There was the year I spent as a high school sophomore pining for a senior pom-pom girl. There was the semester I spent in Ithaca, thinking I was actually quantifiably skilled enough to get a Cornell MBA. There were the hours I spent watching the Dino de Laurentiis version of King Kong and Michael Minghella’s The English Patient.
This weekend’s garage sale ranks up there with all of them as another colossal waste of time. Taking part in the city’s annual citywide garage sale, I spent hours worrying (see this post from several weeks ago) and preparing everything: getting stuff down from the attic, dusting, pricing, categorizing, setting up in the garage to see if I had enough table space, checking eBay for comparative prices, baking cookies, buying water, setting aside a box of free stuff – everything to have a nice presentation and even refreshments. (All proceeds were to go to the local humane society, and I asked for a 25-cent donation per cookie and water.)
The morning was characterized by things that didn’t happen.
I got lots of advice from people ahead of time. Many said that perennial early birds would knock on my door before the official start time, asking to peruse everything first. Didn’t happen.
Others said that professionals would offer me a low, flat rate to take everything in one fell swoop. Didn’t happen.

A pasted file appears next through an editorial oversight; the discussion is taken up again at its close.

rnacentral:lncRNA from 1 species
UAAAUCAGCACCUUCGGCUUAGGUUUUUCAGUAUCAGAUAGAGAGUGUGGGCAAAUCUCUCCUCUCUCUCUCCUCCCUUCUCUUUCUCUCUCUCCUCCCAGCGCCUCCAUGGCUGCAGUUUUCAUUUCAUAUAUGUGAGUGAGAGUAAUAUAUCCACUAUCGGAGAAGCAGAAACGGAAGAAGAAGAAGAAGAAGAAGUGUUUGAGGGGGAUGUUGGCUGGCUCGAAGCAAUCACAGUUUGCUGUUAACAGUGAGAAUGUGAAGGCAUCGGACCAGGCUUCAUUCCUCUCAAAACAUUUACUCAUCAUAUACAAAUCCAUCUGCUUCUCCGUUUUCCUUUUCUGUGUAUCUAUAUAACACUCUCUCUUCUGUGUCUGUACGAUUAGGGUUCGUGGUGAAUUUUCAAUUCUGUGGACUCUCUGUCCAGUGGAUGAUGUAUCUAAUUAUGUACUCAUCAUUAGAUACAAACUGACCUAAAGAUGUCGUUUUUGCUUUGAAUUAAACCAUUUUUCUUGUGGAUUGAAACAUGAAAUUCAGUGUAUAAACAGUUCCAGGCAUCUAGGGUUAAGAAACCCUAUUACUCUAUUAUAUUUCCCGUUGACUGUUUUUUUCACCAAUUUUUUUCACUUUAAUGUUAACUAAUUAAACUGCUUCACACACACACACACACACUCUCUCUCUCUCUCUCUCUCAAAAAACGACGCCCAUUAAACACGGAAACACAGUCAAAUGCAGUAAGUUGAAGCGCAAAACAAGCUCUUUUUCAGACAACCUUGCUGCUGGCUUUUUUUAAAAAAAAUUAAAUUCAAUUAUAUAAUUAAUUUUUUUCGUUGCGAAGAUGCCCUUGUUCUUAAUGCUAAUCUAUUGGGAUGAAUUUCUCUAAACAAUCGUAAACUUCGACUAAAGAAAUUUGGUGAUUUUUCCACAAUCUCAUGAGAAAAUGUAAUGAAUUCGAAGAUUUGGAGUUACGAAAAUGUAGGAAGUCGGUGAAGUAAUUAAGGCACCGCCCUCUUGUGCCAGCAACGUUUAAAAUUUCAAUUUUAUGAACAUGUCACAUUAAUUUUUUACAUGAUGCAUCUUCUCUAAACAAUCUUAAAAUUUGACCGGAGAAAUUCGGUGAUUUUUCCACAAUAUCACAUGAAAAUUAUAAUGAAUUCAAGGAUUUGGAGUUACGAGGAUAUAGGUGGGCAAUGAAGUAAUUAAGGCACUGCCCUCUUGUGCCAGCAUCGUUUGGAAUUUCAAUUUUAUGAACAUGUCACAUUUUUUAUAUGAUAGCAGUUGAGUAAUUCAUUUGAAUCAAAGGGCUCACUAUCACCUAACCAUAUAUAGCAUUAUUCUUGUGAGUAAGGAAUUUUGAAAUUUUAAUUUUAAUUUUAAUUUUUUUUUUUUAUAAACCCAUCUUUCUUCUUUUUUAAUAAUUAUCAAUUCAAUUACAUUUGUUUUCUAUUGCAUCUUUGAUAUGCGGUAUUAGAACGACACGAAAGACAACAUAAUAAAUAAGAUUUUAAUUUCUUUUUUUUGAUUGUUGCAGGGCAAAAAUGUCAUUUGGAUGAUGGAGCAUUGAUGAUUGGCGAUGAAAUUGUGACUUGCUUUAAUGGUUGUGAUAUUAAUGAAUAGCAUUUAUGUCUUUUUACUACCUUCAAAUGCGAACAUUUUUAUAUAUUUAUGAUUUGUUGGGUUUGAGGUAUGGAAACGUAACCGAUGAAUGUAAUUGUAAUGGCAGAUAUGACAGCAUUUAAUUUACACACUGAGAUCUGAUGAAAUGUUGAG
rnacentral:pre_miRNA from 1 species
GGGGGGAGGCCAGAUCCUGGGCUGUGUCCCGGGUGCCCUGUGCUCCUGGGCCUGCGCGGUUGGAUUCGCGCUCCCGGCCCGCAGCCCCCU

Still more advised to be prepared for hagglers. Didn’t happen.
I asked my stepbrother to join me so that someone could watch over the merchandise in case I got deluged by people. Didn’t happen.
The other thing that didn’t happen? Not too many people came by and I didn’t sell too much stuff. Some people stopped, walked up one side of the tables and down the other, and got back in their cars. I have no idea what people were looking for – well, one guy wanted a bicycle and another said he was looking for DVDs – but it was clear that whatever it was, it wasn’t on the driveway. Some people just swung into the cul-de-sac, and then kept on rolling. I’ve heard of drive-by shootings, but never drive-by shopping.
In the first hour, most of the money I had came from the sale of cookies. I could just as easily have had a bake sale. One man took six of the free pens and insisted on giving me two dollars.
By noon, I had no intention of spending another three hours in the driveway, letting people sneer at my belongings. As if to second my decision, the skies startled sprinkling. We moved everything back in to the garage (making it a real garage sale), took a couple more visitors, and then closed up shop.
I don’t know how many items I actually sold, but after three hours of sitting with my step-brother, only about two-dozen people had come by. We made $31.50. (That amount more than doubled when my step-brother took some stuff with him when he went home and gave me $40.)
Frankly, this was a blow to my ego. Everyone, myself included, thinks that they have taste. A lot of the items on the driveway were things I’d purchased and simply didn’t have room for anymore. But they were still mine, things I’d cherished at one time. I thought it was rather nice of me to send them out into the world, so that other people could enjoy them.
But whadya know, they’re still mine. At least until I can get to Goodwill.